Image by Alfred Derks from Pixabay

I know a lot of people complain about the new Star Wars movies. And the prequels. And everything that isn't Empire Strikes Back. But one thing is for sure, that franchise will never go away.

Other franchises aren't so lucky. While one may have a good starter movie, as time goes on, they can decrease in quality. Here are a few of the worst ones.

U/Legal-Cartographer-1 asked: What's the movie so bad that it killed off the whole franchise?

When franchises end on a really strong movie, that's a beautiful thing. Back to the Future 3, Army of Darkness--a good finale leaves a series on a powerful note. Safe to say, that's incredibly rare.


Percy Jackson: Sea of Monsters. There were 3 more books in the PJ story plus all of Rick Riordan's other books/spin-offs. There was so much potential and it was just botched.


The first movie already killed it to some degree. Too many things were left out to the point where they would have to completely redo the story of the third book if they wanted to turn it into a movie.


​It was worth it for the memes.

jennifer lawrence cat GIF Giphy

When the Cat in the Hat movie with Mike Meyers was released, Dr. Seuss's (Theodore Geisel's) wife Audrey was so disappointed and disgusted with how it turned out, she never approved of any more live action adaptations.

Subsequent films have now instead only used computer animation adaptations instead of live action studio versions.


Cat in the Hat was a compromise Myers made with the studio after he refused to fill his contract to make the Sprockets movies because he didn't like the script. Think about that for a second, the Sprockets script was so bad that Cat in the Hat was the better option.


‘Pirates’ was an exception.

Disney's The Lone Ranger and John Carter were both supposed to be the first of a series, like Pirates of the Caribbean.


I feel like Pirates of the Caribbean was supposed to be a one off movie that ended up so successful they decided to turn it into a franchise.


​At least Ryan Reynolds liked it.

'Green Lantern'. They had big plans for sequels and a wide story arc but because the movie bombed at the Box Office all of that was scrapped.


Ryan Reynolds finally saw it recently and he thought it wasn't actually that bad.


What some may call a massive flop, others may call the perfect tragic finale. In a way, bad movies are their own art form.

Ok, this would’ve been awesome.

stephen king carrie GIF by hoppip Giphy

I heard there were plans for a Stephen King cinematic universe of some sort, but given how badly the Dark Tower did that's probably never going to happen now.


Harry Potter messed everything up.

Allegiant: the movie after Divergent and Insurgent. The end of the Divergent series was never made into a movie because Allegiant turned out so badly.


Didn't they also overcomplicate the conclusion? I think because Harry Potter split the last book into 2 movies, everyone around that time tried to do the same for a cash grab (looking at you, Hunger Games). So they split the last book into 2 movies, then changed the last movie into a tv miniseries, but forgot to check with the cast first. Since it wasn't in their contract and they didn't want to do it, they bailed.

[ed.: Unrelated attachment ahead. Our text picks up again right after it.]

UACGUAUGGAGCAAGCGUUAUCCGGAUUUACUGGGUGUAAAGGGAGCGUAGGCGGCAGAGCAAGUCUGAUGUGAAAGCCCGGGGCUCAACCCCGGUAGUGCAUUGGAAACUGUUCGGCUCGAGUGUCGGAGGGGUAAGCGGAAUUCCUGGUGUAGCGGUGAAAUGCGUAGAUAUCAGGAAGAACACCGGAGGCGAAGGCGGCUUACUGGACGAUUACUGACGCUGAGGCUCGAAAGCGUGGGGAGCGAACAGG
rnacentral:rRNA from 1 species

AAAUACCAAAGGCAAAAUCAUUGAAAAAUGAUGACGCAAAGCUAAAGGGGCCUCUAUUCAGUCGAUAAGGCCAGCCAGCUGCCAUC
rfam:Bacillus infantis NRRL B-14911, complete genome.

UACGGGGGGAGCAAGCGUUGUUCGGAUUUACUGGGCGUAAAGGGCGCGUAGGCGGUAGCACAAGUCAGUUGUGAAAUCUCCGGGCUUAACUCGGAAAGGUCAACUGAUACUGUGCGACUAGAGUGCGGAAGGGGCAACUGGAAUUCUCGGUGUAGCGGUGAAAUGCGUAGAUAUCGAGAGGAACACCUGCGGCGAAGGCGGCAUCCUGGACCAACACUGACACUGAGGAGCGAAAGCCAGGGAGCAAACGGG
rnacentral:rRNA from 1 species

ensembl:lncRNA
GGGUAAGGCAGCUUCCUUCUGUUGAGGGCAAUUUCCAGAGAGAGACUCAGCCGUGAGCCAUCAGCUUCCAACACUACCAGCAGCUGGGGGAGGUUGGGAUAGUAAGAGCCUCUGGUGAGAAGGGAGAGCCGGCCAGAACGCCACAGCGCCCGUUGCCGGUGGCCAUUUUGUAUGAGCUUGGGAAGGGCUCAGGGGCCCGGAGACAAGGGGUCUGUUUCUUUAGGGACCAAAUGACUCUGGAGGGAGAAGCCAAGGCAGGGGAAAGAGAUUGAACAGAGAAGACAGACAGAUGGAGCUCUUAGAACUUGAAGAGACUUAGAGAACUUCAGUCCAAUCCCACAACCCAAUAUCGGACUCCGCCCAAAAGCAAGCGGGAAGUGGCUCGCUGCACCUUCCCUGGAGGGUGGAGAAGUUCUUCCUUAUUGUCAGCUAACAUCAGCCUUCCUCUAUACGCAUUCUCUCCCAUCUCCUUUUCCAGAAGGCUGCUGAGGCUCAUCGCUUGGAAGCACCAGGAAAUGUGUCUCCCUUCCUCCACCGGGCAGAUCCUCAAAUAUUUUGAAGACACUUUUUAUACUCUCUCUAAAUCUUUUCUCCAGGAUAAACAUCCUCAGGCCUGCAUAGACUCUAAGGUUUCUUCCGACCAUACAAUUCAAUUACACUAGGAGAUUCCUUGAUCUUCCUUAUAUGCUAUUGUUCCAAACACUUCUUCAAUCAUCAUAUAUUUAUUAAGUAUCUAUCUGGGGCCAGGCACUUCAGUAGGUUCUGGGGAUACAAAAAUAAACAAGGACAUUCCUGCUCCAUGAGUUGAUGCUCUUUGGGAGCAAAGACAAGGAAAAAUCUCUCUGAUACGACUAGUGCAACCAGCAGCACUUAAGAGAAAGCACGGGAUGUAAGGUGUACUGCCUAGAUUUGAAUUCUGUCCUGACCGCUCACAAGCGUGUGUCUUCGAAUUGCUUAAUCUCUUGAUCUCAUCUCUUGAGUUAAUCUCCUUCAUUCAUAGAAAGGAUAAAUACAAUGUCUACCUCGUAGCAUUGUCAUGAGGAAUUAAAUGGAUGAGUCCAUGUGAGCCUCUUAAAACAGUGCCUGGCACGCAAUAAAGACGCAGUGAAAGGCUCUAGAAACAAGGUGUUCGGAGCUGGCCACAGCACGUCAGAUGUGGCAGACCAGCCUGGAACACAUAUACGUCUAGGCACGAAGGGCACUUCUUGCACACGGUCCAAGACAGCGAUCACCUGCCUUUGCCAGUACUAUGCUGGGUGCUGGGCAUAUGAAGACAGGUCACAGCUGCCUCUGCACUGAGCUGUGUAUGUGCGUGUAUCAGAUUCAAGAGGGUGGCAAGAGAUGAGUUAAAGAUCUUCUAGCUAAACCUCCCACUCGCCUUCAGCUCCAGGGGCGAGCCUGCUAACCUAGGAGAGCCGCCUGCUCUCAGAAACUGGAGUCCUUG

I thought I remembered reading that somewhere. I'm not a YA book reader, but an avid movie watcher who struggles with incomplete stories. I always have to finish a story once I start, no matter how bad it is. I've only ever stopped watching 3 movies in my whole life. 2 were Tom Cruise movies.


​This one disappointed a lot of people.

The Last Airbender. I'm guessing by the ending they had elaborate plans to turn this into a franchise of all the seasons. Wow. So horribly bad. Also, prior to the movie I had never even watched an episode of Avatar: The Last Airbender.

I had an even greater appreciation of how bad they f*cked up after watching them all during the pandemic. Ouch.


​Speaking of disappointments, here are a few more. RIP these franchises.

Genuinely tragic.

talking brad pitt GIF Giphy

Queen of the Damned.

Interview with the Vampire was amazing. 8 years later they skipped the 2nd book in the series and went to the 3rd. I don't know why. The 2nd book, The Vampire Lestat, was the best in the series. Maybe they couldn't get Tom Cruise to continue, and just decided that would be the end of it. Then some jack@ss came up with the idea to do a sh!t job of Queen of the Damned and ... ugh.


​They didn’t even break even.

Valerian and the City of a Thousand Planets

The most expensive indie film and most expensive European film of all time ($200+ million budget) and it barely broke even at the box office, probably netting a 9-figure loss when factoring in marketing and publicity costs.

Neither Cara Delevingne nor Dane DeHaan have worked much since, though this was hardly the first franchise killer either of them have been involved with (Suicide Squad for Delevingne, The Amazing Spider Man 2 for DeHaan),


Thank goodness for that.​

The Mummy with Tom Cruz. It was meant to kick off an entire "Dark Universe" of horror movie remakes but it was horrible.


The Mummy was their second "first movie in a cinematic universe". Dracula Untold was their previous attempt, which also bombed.


It's true, for every Army of Darkness, there are ten terrible sequels. Sometimes, franchises are best just left alone after the first film.

Let it be known, just because they spent a lot of money on it, doesn't mean it's gonna be good.

Photo by UX Gun on Unsplash

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